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Monday, January 26, 2015

AIR DEFLATION MAY WORK FOR FOOTBALLS BUT IT SURE DOESN’T WORK FOR TIRES

Saw this Press Release and thought it was timely. It is printed with permission.
--------------------------------------------------------



RTA NEWS YOU CAN USE
January 23, 2015

AIR DEFLATION MAY WORK FOR FOOTBALLS
BUT IT SURE DOESN’T WORK FOR TIRES

By
Harvey Brodsky
Managing Director

Retread Tire Association

If you are a football fan in North America you are probably aware of the scandale du jure going on in professional football caused by the alleged under-inflation of footballs used by the New England Patriots in their Sunday victory over the Indianapolis Colts.
I won’t go into my personal feelings regarding this scandal except to state that it saddens me and in my opinion it tarnishes the word sportsmanship, and sets a horrible example for young people regarding what is right versus what is wrong.
As an aside, I wear a T-Shirt with the saying, THERE IS NEVER A RIGHT TIME TO DO THE WRONG THING, AND THERE IS NEVER A WRONG TIME TO DO THE RIGHT THING. Words to live by.
Now back to why deflation doesn’t work for tires. If you have ever spoken to a real estate agent regarding the best place to open a tire store or any other business, you will usually hear the three words, “Location, Location, Location,” as being the most important.
There are also three VERY IMPORTANT words when it comes to tires that should be etched into the minds of every trucker, whether he or she has one truck or ten thousand trucks, and if you haven’t already guessed, the three most important words are “Inflation, Inflation, Inflation.”
By inflation we mean Proper Inflation for the load being carried!
More tires are ruined and money lost by improper tire inflation than any other cause, yet far too many truckers will still resort to pounding the sidewall of their tires with a stick to determine if their tires are properly inflated instead of checking their tires with a calibrated tire gauge.
If they really believe they can tell if their tires are properly inflated by pounding them with a stick, they should then pound the hood of their truck to see if the engine needs oil.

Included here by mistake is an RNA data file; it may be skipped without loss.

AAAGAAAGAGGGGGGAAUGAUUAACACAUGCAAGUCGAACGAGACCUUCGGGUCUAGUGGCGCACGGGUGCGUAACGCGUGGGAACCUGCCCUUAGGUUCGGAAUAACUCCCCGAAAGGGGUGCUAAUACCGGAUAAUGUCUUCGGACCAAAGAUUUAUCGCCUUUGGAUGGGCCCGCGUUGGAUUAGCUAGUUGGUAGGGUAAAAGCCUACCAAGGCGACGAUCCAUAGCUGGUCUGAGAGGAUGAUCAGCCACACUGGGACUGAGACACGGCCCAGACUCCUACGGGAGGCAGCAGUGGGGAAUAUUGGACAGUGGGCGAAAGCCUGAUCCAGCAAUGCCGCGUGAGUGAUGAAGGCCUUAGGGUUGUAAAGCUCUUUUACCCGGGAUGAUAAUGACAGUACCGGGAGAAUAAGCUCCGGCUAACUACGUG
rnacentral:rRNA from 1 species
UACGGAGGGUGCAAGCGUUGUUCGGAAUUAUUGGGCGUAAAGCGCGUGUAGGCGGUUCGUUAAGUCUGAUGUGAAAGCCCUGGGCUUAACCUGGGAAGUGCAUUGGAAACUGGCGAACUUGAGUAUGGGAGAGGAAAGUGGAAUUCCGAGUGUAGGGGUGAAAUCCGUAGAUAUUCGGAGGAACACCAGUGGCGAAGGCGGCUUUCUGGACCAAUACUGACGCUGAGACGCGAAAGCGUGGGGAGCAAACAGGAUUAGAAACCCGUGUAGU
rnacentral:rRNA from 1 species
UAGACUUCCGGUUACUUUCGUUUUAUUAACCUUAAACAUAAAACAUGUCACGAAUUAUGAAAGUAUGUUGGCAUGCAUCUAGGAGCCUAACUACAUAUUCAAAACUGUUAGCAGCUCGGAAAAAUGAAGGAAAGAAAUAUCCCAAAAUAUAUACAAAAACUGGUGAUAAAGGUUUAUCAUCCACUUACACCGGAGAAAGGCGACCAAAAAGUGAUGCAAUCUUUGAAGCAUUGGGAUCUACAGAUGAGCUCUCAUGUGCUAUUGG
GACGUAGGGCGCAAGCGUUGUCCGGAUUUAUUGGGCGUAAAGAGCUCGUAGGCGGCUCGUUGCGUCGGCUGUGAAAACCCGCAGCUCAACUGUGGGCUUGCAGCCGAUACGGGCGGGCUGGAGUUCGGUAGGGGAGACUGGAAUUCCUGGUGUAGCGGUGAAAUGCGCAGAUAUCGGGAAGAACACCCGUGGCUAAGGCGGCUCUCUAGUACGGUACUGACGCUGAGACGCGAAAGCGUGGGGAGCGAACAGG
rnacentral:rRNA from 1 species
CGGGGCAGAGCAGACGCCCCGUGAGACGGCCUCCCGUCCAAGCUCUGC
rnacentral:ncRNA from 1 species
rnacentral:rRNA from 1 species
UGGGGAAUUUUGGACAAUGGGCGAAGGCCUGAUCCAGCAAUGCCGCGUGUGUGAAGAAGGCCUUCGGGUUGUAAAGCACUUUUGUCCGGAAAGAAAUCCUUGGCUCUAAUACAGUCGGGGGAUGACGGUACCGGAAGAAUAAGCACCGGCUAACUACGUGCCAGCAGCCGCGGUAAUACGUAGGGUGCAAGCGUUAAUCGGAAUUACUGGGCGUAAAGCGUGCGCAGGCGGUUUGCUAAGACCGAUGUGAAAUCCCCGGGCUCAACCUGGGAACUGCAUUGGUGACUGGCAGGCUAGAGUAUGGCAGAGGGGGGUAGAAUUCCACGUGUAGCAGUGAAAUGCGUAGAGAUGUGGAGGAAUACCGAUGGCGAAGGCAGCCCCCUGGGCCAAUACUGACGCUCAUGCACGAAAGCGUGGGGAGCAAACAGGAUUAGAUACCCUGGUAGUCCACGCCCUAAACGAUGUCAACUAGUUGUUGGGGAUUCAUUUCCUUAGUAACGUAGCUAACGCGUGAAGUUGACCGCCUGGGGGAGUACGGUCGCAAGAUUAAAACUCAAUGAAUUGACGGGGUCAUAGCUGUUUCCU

Crazy? You bet!
 There is an old saying that I love, because it is absolutely true! It’s simple but it isn’t easy. I’m the first to admit that it is not easy to use a good tire gauge to check the air pressure on your tires, especially in a stormy day when the temperature is below freezing, But we should ask ourselves is it better to ignore checking our tires on a regular basis or is it better to have a tire problem thanks to a severely underinflated tire on a rainy or snowy night in the middle of nowhere with no help in sight?
Enough!
You know the rest and now it’s up to you to do it. Please remember that THERE IS NEVER A RIGHT TIME TO DO THE WRONG THING AND THERE IS NEVER A WRONG TIME TO DO THE RIGHT THING, especially when it comes to tires!


THOUGHT FOR THE DAY
“The secret of happiness
is to count your blessings
while others are adding
up their troubles.”

~ William Penn



Retread Tire Association (RTA)
Toll-Free: 1-888-810-8861
phone: 831-646-5269 | fax: 831-646-2006
900 Weldon Grove, Pacific Grove, CA 93950 USA
info@retreadtire.org
www.retreadtire.org

Friday, January 16, 2015

Basic tire inflation procedure - Motorhomes

Thought a short post covering the important points of setting and ensuring you have the necessary inflation on your motorhome tires was in order.
 NOTE Trailers have slightly different needs for establishing the "set" pressure than motorhomes but the rest of this post would apply to towables too.

1. Ensure your gauge is sufficiently accurate. To me this means +/- 3 psi of the real pressure. This level of accuracy is easy to confirm yourself if you follow these steps:
      A. Get and keep a "Master" gauge. This is not used for checking the air in your tires but is used to confirm that your daily use gauge is sufficiently accurate and to allow you to adjust the reading of your daily gauge accordingly. I have provided an example of what a low cost "Master" gauge could be in THIS post. The master gauge should NOT be kept in your tool box but in a box or case inside the RV where it is protected from damage.